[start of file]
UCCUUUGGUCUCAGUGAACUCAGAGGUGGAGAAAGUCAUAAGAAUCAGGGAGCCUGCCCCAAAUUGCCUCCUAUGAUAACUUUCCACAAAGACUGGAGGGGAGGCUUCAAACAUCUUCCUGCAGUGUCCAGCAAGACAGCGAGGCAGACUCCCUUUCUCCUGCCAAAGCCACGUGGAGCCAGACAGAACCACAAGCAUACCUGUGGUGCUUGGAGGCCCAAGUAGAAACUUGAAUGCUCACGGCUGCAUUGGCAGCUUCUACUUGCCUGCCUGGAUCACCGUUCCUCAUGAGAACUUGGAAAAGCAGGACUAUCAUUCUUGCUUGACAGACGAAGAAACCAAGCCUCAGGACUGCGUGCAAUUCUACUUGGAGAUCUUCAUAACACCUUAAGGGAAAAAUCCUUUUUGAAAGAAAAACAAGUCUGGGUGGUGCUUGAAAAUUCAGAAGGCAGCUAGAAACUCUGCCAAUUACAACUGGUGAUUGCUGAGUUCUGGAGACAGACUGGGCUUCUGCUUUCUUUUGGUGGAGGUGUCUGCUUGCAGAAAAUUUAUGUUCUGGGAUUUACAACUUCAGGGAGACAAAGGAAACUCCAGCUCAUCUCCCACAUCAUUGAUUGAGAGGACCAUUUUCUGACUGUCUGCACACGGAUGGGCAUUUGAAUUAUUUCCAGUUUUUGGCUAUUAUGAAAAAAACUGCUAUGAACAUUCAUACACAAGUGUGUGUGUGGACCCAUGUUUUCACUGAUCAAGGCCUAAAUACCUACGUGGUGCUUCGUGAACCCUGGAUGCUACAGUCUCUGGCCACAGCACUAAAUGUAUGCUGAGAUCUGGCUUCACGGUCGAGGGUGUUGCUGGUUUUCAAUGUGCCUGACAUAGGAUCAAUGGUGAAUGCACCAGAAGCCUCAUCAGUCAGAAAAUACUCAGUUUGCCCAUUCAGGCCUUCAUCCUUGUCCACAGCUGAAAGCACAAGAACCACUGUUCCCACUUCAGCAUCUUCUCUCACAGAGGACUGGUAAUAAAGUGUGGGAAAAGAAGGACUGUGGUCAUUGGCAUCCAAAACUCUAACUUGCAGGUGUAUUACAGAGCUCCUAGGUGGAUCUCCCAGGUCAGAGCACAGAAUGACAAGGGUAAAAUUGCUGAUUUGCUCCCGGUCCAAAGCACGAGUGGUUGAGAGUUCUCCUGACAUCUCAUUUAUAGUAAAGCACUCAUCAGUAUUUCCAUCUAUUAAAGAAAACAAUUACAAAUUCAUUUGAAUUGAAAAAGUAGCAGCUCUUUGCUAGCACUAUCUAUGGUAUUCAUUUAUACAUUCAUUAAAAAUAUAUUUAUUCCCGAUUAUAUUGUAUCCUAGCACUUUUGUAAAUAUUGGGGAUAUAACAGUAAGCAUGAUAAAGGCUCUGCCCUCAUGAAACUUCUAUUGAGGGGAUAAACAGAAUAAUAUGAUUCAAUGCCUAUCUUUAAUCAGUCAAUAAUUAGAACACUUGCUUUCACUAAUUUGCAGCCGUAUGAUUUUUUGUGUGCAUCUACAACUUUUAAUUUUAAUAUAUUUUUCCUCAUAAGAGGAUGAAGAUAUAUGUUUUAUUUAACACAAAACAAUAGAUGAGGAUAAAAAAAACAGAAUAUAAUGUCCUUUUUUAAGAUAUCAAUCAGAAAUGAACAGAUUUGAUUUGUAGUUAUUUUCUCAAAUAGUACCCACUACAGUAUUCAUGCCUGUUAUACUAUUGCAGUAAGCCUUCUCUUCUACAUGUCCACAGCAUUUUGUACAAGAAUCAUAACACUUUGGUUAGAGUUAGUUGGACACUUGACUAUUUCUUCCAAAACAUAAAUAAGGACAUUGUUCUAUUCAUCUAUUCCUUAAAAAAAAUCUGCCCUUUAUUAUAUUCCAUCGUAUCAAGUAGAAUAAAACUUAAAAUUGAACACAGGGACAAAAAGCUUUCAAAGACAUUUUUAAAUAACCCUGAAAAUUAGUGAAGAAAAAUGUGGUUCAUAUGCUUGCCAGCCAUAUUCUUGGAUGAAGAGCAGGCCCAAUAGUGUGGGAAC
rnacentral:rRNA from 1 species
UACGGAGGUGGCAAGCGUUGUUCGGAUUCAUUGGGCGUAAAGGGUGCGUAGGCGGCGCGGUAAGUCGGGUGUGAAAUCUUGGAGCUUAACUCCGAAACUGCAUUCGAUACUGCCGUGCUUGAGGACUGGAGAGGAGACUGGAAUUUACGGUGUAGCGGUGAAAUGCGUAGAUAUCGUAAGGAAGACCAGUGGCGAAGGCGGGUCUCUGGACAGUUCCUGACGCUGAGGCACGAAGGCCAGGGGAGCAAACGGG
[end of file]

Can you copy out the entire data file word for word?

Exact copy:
UCCUUUGGUCUCAGUGAACUCAGAGGUGGAGAAAGUCAUAAGAAUCAGGGAGCCUGCCCCAAAUUGCCUCCUAUGAUAACUUUCCACAAAGACUGGAGGGGAGGCUUCAAACAUCUUCCUGCAGUGUCCAGCAAGACAGCGAGGCAGACUCCCUUUCUCCUGCCAAAGCCACGUGGAGCCAGACAGAACCACAAGCAUACCUGUGGUGCUUGGAGGCCCAAGUAGAAACUUGAAUGCUCACGGCUGCAUUGGCAGCUUCUACUUGCCUGCCUGGAUCACCGUUCCUCAUGAGAACUUGGAAAAGCAGGACUAUCAUUCUUGCUUGACAGACGAAGAAACCAAGCCUCAGGACUGCGUGCAAUUCUACUUGGAGAUCUUCAUAACACCUUAAGGGAAAAAUCCUUUUUGAAAGAAAAACAAGUCUGGGUGGUGCUUGAAAAUUCAGAAGGCAGCUAGAAACUCUGCCAAUUACAACUGGUGAUUGCUGAGUUCUGGAGACAGACUGGGCUUCUGCUUUCUUUUGGUGGAGGUGUCUGCUUGCAGAAAAUUUAUGUUCUGGGAUUUACAACUUCAGGGAGACAAAGGAAACUCCAGCUCAUCUCCCACAUCAUUGAUUGAGAGGACCAUUUUCUGACUGUCUGCACACGGAUGGGCAUUUGAAUUAUUUCCAGUUUUUGGCUAUUAUGAAAAAAACUGCUAUGAACAUUCAUACACAAGUGUGUGUGUGGACCCAUGUUUUCACUGAUCAAGGCCUAAAUACCUACGUGGUGCUUCGUGAACCCUGGAUGCUACAGUCUCUGGCCACAGCACUAAAUGUAUGCUGAGAUCUGGCUUCACGGUCGAGGGUGUUGCUGGUUUUCAAUGUGCCUGACAUAGGAUCAAUGGUGAAUGCACCAGAAGCCUCAUCAGUCAGAAAAUACUCAGUUUGCCCAUUCAGGCCUUCAUCCUUGUCCACAGCUGAAAGCACAAGAACCACUGUUCCCACUUCAGCAUCUUCUCUCACAGAGGACUGGUAAUAAAGUGUGGGAAAAGAAGGACUGUGGUCAUUGGCAUCCAAAACUCUAACUUGCAGGUGUAUUACAGAGCUCCUAGGUGGAUCUCCCAGGUCAGAGCACAGAAUGACAAGGGUAAAAUUGCUGAUUUGCUCCCGGUCCAAAGCACGAGUGGUUGAGAGUUCUCCUGACAUCUCAUUUAUAGUAAAGCACUCAUCAGUAUUUCCAUCUAUUAAAGAAAACAAUUACAAAUUCAUUUGAAUUGAAAAAGUAGCAGCUCUUUGCUAGCACUAUCUAUGGUAUUCAUUUAUACAUUCAUUAAAAAUAUAUUUAUUCCCGAUUAUAUUGUAUCCUAGCACUUUUGUAAAUAUUGGGGAUAUAACAGUAAGCAUGAUAAAGGCUCUGCCCUCAUGAAACUUCUAUUGAGGGGAUAAACAGAAUAAUAUGAUUCAAUGCCUAUCUUUAAUCAGUCAAUAAUUAGAACACUUGCUUUCACUAAUUUGCAGCCGUAUGAUUUUUUGUGUGCAUCUACAACUUUUAAUUUUAAUAUAUUUUUCCUCAUAAGAGGAUGAAGAUAUAUGUUUUAUUUAACACAAAACAAUAGAUGAGGAUAAAAAAAACAGAAUAUAAUGUCCUUUUUUAAGAUAUCAAUCAGAAAUGAACAGAUUUGAUUUGUAGUUAUUUUCUCAAAUAGUACCCACUACAGUAUUCAUGCCUGUUAUACUAUUGCAGUAAGCCUUCUCUUCUACAUGUCCACAGCAUUUUGUACAAGAAUCAUAACACUUUGGUUAGAGUUAGUUGGACACUUGACUAUUUCUUCCAAAACAUAAAUAAGGACAUUGUUCUAUUCAUCUAUUCCUUAAAAAAAAUCUGCCCUUUAUUAUAUUCCAUCGUAUCAAGUAGAAUAAAACUUAAAAUUGAACACAGGGACAAAAAGCUUUCAAAGACAUUUUUAAAUAACCCUGAAAAUUAGUGAAGAAAAAUGUGGUUCAUAUGCUUGCCAGCCAUAUUCUUGGAUGAAGAGCAGGCCCAAUAGUGUGGGAAC
rnacentral:rRNA from 1 species
UACGGAGGUGGCAAGCGUUGUUCGGAUUCAUUGGGCGUAAAGGGUGCGUAGGCGGCGCGGUAAGUCGGGUGUGAAAUCUUGGAGCUUAACUCCGAAACUGCAUUCGAUACUGCCGUGCUUGAGGACUGGAGAGGAGACUGGAAUUUACGGUGUAGCGGUGAAAUGCGUAGAUAUCGUAAGGAAGACCAGUGGCGAAGGCGGGUCUCUGGACAGUUCCUGACGCUGAGGCACGAAGGCCAGGGGAGCAAACGGG